Ine aconahive ite chi yi tua tieya ana na’que I’yo lo’, he read aloud one morning. It was the story of Lot from the Book of Genesis. Lot and his family become the sole survivors of their city when God destroys Sodom and Gomorrah. Lot loses his wife when she looks back at the destruction, against the instructions of God.

The Summer Institute of Linguistics had been founded four decades earlier by an evangelical minister who wanted to translate the Bible into every language still spoken. By the 1970s, the group had become a fixture in the forests of Latin America, often under government contracts for literacy programs.

Contact — followed by conversion — was the ultimate goal of the Christian linguists.

In 1971, Daniel Velie approached the edges of the Taushiro settlement. From the back of a canoe, he hauled out a heavy device to make the first recordings of their language.

But the Taushiro were in no state to speak.

An illness had swept through the village. When Velie arrived, seven Taushiro were near death. He pulled out a first-aid kit and gave them penicillin, the first antibiotics the Taushiro had taken. When they recovered, he took down the first 200 words of a Taushiro glossary.

Using hand gestures, the group conveyed their appreciation to the missionary. But Velie wanted something in return. He eventually asked for Amadeo, who was thought to be in his 20s at the time, to return with him and start teaching the language to others.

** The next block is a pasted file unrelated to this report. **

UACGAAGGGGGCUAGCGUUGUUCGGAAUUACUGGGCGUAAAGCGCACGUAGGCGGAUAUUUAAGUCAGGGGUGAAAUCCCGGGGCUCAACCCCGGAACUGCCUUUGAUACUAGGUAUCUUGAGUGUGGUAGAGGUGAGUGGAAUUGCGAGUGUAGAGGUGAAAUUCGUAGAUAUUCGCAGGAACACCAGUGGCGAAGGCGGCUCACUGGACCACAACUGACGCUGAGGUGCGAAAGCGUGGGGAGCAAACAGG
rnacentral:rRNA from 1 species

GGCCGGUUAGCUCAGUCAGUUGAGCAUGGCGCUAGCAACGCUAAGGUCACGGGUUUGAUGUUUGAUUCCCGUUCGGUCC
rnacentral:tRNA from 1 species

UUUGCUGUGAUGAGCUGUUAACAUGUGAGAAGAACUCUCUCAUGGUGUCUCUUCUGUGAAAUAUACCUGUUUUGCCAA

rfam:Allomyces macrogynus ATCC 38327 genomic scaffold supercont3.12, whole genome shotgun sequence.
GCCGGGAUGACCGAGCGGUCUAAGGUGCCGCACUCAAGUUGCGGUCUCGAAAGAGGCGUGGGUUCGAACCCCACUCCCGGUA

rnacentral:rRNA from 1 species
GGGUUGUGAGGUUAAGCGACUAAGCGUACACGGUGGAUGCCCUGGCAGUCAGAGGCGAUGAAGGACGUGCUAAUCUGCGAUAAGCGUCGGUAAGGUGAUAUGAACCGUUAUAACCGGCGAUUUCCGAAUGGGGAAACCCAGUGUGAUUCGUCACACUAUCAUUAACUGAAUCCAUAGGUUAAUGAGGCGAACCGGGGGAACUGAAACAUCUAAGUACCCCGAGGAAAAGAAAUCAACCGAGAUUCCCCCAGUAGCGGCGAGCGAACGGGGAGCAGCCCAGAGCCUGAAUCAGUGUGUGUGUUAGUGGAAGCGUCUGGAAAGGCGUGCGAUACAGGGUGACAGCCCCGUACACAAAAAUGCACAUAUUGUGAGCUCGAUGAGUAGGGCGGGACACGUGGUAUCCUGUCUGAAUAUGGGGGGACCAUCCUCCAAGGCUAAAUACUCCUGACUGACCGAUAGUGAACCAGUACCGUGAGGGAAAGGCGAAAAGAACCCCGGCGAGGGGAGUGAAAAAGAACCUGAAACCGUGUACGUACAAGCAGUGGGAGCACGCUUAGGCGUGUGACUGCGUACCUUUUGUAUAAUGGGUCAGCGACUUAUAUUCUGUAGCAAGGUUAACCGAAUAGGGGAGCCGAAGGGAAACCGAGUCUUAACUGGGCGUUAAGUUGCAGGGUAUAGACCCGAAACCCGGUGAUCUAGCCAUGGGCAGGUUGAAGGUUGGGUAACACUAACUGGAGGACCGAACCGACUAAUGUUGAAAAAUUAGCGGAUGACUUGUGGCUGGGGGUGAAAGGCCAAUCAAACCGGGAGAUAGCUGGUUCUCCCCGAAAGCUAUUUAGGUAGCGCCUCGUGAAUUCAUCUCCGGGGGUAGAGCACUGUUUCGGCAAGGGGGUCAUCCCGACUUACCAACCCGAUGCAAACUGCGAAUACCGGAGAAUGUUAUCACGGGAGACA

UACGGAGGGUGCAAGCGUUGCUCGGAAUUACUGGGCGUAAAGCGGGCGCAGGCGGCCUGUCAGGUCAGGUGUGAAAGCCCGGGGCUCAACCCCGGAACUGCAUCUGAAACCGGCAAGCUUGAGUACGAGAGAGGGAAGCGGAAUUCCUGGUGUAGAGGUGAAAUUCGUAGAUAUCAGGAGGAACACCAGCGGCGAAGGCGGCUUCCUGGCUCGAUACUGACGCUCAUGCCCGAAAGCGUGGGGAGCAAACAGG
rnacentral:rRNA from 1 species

“They said yes, Amadeo could go; they were so thankful to have been saved,” said Nectali Alicea, the linguist soon put in charge of the Taushiro project by the language institute. “It was medicine that was the key.”

For Alicea, as with many of the missionaries, the languages were a bridge to Christianity.

“You cannot evangelize in Spanish,” she said.

A race against time

Even in the twilight of Amadeo’s life, a few hold out hope that some part of the Taushiro language will persist after him.

This year, Peru’s Ministry of Culture decided to take up the work that Alicea began. Working with Amadeo, government linguists have created a database of 1,500 Taushiro words, 27 stories and three songs, with plans to make recordings of Amadeo available to academics and others interested in the language.

It is a race against time — and against Amadeo’s own memory, which sometimes fails him after so many years of having no one to speak with in Taushiro.

But linguists involved in the work say that even if Taushiro dies with Amadeo, a record of it will be kept, at least.

“It’s the first time that Peru has made this kind of gesture,” said Panizo, the linguist leading the project.

Last February, the government flew Amadeo to Lima to give him a medal for his contribution to Peruvian culture.

While Amadeo knew that he had not passed his language to his five children, he took comfort in the fact that they were safe. They had not suffered the fate of their relatives, who had all perished in the forest. One of them, Daniel, was even in the audience that day to see him.

After the ceremony, the two men embraced. Daniel introduced Amadeo to his 6-year-old daughter, the first time Amadeo had met his grandchild.

“I just want to be proud of my father, of the tribe that we were, that I was born into, that we lived,” said Daniel, who works as a construction worker in Lima.